Since your grill serves you so well, shouldn't you return the favor?
Maintenance of any type of equipment you're planning to utilize for cooking purposes should be cleaned often.
Especially your outdoor grill.
So whether you fire up the grates every week or twice a year, a thorough spring cleaning is necessary for safe and tasty cooking.
Go grab your sponge and soapy water, because I'll be taking you through several ways of cleaning your grill.
If it's electric, gas, charcoal or pellet, look no further than this article.
We're all familiar with germs - you know those tiny particles that have the sinister ability to make us sick for days.
Usually, we're taught the basics of keeping bacteria at bay during kindergarten. So I'll keep this section short.
Whether you're using your grill every day or once a month, it's easy sometimes to forget just how important a thorough clean is.
If you took the fast track after your last BBQ party and left the grates filled with burnt food residue, it's likely to come back and haunt you.
This burnt debris is no joke. It actually contains harmful amino acids and chemicals.
When you leave bits from your hamburger patty or slow-cooked ribs on the grates, the next time you're cooking, these pieces will burn further. This, in turn, triggers a reaction which could cause an array of health problems.
So, needless to say, it's essential to remember to scrape off the grates—both before and after cooking.
Germs and health issues aside, a charred grill is also a major fire hazard waiting to happen.
All the grease which drips onto the grease tray could start a fire. It occurs as the grease in the pan reaches its maximum temperature and therefore explodes, leaving you with a burnt grill.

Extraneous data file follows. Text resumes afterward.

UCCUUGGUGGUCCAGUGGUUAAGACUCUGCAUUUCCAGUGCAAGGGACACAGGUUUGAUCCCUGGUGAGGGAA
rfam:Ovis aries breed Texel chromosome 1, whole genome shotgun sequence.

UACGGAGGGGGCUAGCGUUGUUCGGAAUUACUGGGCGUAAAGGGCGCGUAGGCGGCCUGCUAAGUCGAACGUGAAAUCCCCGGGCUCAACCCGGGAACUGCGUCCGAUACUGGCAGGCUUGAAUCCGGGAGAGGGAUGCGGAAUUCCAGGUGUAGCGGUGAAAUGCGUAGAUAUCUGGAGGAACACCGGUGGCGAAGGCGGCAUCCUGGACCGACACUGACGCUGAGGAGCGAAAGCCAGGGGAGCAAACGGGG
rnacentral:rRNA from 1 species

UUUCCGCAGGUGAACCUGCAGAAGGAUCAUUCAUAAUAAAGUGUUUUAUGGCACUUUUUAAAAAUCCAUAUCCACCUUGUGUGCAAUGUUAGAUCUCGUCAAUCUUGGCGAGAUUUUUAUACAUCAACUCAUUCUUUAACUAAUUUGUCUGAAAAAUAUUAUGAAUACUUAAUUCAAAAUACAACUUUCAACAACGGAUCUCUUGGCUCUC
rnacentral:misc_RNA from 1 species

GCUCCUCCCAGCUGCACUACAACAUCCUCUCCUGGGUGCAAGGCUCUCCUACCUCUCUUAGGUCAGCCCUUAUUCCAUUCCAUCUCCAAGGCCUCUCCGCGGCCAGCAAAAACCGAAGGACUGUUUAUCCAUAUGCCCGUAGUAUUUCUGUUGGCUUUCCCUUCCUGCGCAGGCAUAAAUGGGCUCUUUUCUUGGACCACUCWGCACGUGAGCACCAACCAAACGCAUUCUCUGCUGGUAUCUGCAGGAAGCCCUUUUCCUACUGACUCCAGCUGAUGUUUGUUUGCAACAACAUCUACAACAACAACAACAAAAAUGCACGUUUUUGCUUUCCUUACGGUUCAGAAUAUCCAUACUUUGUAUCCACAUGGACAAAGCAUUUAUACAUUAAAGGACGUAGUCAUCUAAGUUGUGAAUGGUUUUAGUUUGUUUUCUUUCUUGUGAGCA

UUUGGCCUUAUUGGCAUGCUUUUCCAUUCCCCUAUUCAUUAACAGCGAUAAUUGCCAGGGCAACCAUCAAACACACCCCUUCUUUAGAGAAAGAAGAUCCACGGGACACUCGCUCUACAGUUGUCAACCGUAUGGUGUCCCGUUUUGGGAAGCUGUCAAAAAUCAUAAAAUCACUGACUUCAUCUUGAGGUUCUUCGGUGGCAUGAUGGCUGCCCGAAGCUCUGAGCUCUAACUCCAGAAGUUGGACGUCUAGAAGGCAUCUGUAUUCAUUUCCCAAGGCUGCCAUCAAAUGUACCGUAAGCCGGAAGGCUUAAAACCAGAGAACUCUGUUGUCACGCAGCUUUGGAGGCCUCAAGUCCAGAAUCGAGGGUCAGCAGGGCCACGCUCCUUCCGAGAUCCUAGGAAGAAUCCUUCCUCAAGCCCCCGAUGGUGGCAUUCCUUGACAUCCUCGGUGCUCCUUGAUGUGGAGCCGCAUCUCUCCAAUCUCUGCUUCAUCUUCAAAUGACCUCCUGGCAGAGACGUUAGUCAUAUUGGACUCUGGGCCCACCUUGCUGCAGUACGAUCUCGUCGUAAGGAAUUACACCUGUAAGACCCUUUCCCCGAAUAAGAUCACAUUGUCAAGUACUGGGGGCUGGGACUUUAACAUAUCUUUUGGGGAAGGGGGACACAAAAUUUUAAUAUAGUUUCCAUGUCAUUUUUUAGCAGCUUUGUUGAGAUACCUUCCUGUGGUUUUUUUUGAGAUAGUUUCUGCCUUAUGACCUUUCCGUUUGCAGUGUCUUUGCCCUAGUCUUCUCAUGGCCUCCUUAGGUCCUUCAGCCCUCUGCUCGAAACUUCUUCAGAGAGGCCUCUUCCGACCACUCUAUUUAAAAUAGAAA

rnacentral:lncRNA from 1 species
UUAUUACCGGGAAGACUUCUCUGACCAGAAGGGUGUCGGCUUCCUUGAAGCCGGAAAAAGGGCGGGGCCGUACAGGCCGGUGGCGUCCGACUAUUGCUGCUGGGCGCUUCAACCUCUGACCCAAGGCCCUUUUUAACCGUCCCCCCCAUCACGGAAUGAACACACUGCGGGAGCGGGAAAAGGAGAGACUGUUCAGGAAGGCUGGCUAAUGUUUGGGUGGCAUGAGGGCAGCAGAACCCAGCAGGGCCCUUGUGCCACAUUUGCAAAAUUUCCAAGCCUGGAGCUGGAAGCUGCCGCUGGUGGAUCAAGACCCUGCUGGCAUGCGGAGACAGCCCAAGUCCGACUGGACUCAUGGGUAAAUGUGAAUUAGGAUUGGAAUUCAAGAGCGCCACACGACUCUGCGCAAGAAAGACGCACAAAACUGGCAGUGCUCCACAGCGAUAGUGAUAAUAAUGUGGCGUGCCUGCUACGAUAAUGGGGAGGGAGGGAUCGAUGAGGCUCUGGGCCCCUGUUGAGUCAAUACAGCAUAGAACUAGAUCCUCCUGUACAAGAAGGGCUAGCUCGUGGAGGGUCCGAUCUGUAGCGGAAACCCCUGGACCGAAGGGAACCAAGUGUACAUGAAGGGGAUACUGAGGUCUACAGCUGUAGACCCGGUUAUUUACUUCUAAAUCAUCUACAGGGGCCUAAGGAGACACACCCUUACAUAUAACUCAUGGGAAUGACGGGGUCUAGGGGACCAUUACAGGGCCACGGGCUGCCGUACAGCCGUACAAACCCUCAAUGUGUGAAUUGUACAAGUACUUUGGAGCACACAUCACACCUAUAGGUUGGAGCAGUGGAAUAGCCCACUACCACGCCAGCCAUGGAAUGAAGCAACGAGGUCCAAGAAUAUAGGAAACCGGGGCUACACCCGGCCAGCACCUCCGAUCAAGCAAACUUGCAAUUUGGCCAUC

Because of this risk, you should prep your station with tools to put out a grease fire. Always keep a few items, such as baking soda, salt and a fire extinguisher near your grill.
You should never throw water or flour on a grease fire as this could cause an even worse flare-up. Instead, look for ways to smother the flames. Baking soda is an excellent tool as it prevents oxygen from getting through.
But to prevent all of this from occurring, remember to check the grease tray often. Empty it as soon as it begins to build up and, of course, keep the grates clean to prevent debris from dripping down.
Ideally, you should clean your grill after every use.
This doesn't mean a thorough wash, but at least scrape the leftovers off the grates. And, if you're using a charcoal grill, empty the coals, so it's ready for the next use.
The best time to scrape the grates is right after you've finished grilling - while they're still hot. This way, food residue hasn’t had time to settle yet and is therefore easier to remove.
How often you should give your grill an out-and-out cleanse depends on how often you grill and which kind of grill you're using. For charcoal grills, it's generally once a month that you should give it a good clean out. Whereas for gas and pellets, it's more of an annual event.
But in saying this, if you're grilling on a daily basis throughout the year, you should try to do this more than once a year.
Now that we're aware of the importance of cleaning and how often, it's time to move on to the how-to.
How you'll clean your grill is not the same for every type.
So below you'll find short guides on how to clean your specific grill - whether it's charcoal or pellet, electric or propane gas.
Having a clean grill is essential for proper cooking.
Dirt and debris are not only hazards to your health, but also for the well-being of your grill.
By keeping your grill clean, you're ensuring that it will stay with you for another season of grilling parties and good food.
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